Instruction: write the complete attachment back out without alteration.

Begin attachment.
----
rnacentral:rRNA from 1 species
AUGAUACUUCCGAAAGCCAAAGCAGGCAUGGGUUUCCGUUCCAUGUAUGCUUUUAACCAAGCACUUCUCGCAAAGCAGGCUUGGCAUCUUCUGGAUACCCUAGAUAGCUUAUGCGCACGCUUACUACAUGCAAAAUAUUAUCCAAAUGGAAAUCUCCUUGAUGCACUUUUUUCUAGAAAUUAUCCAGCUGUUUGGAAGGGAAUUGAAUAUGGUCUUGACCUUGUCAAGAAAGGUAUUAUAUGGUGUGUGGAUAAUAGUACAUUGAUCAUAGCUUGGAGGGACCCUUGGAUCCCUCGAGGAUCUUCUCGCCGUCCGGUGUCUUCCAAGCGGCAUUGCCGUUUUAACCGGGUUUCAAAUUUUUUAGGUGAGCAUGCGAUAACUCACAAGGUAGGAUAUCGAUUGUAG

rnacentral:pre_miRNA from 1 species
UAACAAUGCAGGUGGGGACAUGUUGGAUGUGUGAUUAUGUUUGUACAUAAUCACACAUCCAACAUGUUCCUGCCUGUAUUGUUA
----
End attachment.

rnacentral:rRNA from 1 species
AUGAUACUUCCGAAAGCCAAAGCAGGCAUGGGUUUCCGUUCCAUGUAUGCUUUUAACCAAGCACUUCUCGCAAAGCAGGCUUGGCAUCUUCUGGAUACCCUAGAUAGCUUAUGCGCACGCUUACUACAUGCAAAAUAUUAUCCAAAUGGAAAUCUCCUUGAUGCACUUUUUUCUAGAAAUUAUCCAGCUGUUUGGAAGGGAAUUGAAUAUGGUCUUGACCUUGUCAAGAAAGGUAUUAUAUGGUGUGUGGAUAAUAGUACAUUGAUCAUAGCUUGGAGGGACCCUUGGAUCCCUCGAGGAUCUUCUCGCCGUCCGGUGUCUUCCAAGCGGCAUUGCCGUUUUAACCGGGUUUCAAAUUUUUUAGGUGAGCAUGCGAUAACUCACAAGGUAGGAUAUCGAUUGUAG

rnacentral:pre_miRNA from 1 species
UAACAAUGCAGGUGGGGACAUGUUGGAUGUGUGAUUAUGUUUGUACAUAAUCACACAUCCAACAUGUUCCUGCCUGUAUUGUUA